NY Fed Guru Says Powell Will “Overdo It” And Cause A Recession

NY Fed Guru Says Powell Will “Overdo It” And Cause A Recession

When BofA’s top Rates strategist, and former NY Fed analyst, Marc Cabana speaks, investors, the Fed – and even his former Fed co-worker and repo guru, Zoltan Pozsar – listen. And what Cabana has to say is always extremely important.

Two months after Cabana’s rates team published a must read note in which it predicted that the Fed will be forced to end QT much sooner than expected

“Fed QT that is stopped in Sept ’23 will result in $1tn less balance sheet reduction vs our prior estimates through end ’24. Over a similar period, early QT end would result in $780b less UST financing need + $350b of additional Fed UST demand (from Fed MBS paydowns reinvested into USTs).”

… today the former NY Fed guru warned of precisely the same thing that we have been saying for years, namely that the Fed won’t stop – and probably can’t stop – until it breaks something. Or some things.

as a reminder, Fed will keep hiking – as it always has – until it breaks something (i.e., the $20T USD short squeeze) pic.twitter.com/AzzEgtfKHr

— zerohedge (@zerohedge) September 13, 2022

Speaking to Bloomberg TV just one hour before today’s CPI print came in far hotter than expected and convinced markets that a 100bps hike is likely on deck next week, Cabana said the Fed is so intent on stopping inflation it will likely raise rates until the US economy is in a recession.

“The Fed is probably going to overdo it,” the global head of US rates strategy at BofA, told Bloomberg TV. “We have seen them turn very hawkish with the labor-market strength. We think that the Fed will try and stick to this higher-for-longer mantra. That’s probably going to result in a recession.”

Shortly after Cabana’s interview, the CPI print sent stocks plunging to their worst daily loss since the summer of 2020, as Treasury yields soared across the curve, with the two-year rate soaring as much as 18 basis points to about 3.75% — the highest since 2007 — while the terminal rate, or the implied rate for where the tightening cycle will top out next year, leaped to about 4.3%.

And since by then the Fed will have broken more than just the economy (last week we had our first major credit event as Mike Hartnett noted), expectations that the Fed will have to cut even faster than before in 2023 also jumped.

Cabana also picked up on a point we made over the weekend, namely that “the Fed probably won’t trust that until they see the labor market soften more meaningfully. It certainly seems like the Fed is dead-set on ensuring that they get that labor market slowdown.”

Translation: as Jason Furman wrote late last week, for the Fed to lower inflation to ~2% by the 2024 presidential election, unemployment will have to rise to 6.5% from 3.7% currently…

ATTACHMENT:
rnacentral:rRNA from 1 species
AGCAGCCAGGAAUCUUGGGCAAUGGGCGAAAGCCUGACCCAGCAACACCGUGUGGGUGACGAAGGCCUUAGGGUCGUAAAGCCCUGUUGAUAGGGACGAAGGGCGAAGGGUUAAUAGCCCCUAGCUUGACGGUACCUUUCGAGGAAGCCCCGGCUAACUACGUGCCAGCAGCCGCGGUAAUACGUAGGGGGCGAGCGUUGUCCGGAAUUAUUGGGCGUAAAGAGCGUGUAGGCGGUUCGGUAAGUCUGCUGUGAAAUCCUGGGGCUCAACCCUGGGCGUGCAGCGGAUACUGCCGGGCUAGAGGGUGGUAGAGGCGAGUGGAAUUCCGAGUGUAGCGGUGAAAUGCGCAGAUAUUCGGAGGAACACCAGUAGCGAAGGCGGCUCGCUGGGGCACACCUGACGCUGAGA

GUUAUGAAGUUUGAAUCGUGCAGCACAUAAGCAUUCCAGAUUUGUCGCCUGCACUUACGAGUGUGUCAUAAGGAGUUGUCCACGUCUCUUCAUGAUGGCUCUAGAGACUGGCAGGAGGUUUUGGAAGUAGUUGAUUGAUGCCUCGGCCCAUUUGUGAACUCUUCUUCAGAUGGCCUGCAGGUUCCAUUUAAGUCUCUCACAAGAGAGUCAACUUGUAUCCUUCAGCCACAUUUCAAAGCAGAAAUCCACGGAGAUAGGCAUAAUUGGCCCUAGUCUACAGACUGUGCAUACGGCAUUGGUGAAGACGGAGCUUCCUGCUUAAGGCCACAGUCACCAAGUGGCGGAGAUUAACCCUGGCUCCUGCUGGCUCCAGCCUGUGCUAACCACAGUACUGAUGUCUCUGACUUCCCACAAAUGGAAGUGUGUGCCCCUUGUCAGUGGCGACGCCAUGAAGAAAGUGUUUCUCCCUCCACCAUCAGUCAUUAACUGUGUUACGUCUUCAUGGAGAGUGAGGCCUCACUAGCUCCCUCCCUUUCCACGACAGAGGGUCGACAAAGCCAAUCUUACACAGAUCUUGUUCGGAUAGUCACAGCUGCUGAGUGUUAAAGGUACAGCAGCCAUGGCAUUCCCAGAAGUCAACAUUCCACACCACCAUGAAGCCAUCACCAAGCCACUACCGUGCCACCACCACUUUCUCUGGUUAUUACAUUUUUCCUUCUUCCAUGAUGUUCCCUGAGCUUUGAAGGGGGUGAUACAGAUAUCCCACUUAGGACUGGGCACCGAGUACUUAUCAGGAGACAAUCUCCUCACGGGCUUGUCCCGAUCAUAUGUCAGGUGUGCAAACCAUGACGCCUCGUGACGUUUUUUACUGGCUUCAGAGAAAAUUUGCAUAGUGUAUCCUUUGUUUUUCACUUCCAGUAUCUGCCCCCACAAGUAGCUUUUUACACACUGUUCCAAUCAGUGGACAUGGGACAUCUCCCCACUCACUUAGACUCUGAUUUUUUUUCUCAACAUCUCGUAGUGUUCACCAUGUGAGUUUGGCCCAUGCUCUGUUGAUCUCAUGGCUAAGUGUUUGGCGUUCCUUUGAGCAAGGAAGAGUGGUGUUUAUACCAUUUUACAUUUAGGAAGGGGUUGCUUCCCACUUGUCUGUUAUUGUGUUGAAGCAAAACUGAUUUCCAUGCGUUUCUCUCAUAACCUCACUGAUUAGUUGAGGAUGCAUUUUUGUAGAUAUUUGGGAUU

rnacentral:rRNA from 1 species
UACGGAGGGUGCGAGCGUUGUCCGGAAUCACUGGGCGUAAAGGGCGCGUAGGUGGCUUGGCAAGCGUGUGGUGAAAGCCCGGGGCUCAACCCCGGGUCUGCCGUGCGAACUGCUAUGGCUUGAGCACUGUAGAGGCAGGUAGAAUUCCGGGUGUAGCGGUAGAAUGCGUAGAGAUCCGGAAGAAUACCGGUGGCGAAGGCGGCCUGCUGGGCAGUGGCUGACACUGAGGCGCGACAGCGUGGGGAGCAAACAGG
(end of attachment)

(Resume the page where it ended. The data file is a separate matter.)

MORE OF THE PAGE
resulting in a tidal wave of job less equal to at least an additional 4.8 million unemployed.

Fed Chair Jerome Powell and other officials have said the bank is committed to its goal of cutting inflation down to 2% over time. Cabana provided a warning to investors on that point.

“I do worry that this is a Fed that wants to see even more tightening of financial conditions in order to have faith that they will be able to achieve their 2% inflation target,” he said. The risks are skewed in the Fed continuing to sound hawkish, with that being be “a headwind for risk assets,” Cabana added.

And of course, he is right… to a point, the point being when enough Democrats scream bloody murder at the coming unemployment tsunami and force Powell to reverse. What happens then? Why the exact thing we have been saying for over a year: the Fed’s only option will be to raise its “inflation target” from 2% to 3%, something even Fuhrman agrees is coming…

Fed Chair Jerome Powell and other officials have said the bank is committed to its goal of cutting inflation down to 2% over time. Cabana provided a warning to investors on that point. “I do worry that this is a Fed that wants to see even more tightening of financial conditions in order to have faith that they will be able to achieve their 2% inflation target,” he said. The risks are skewed in the Fed continuing to sound hawkish, with that being be “a headwind for risk assets,” Cabana added.

… and an event which will send all assets to fresh all time highs, which may explain why so many stubbornly refuse to sell stocks, well aware that when the Fed pivot comes, all markets will reprice exponentially higher within nanoseconds.

Tyler Durden
Tue, 09/13/2022 – 21:50

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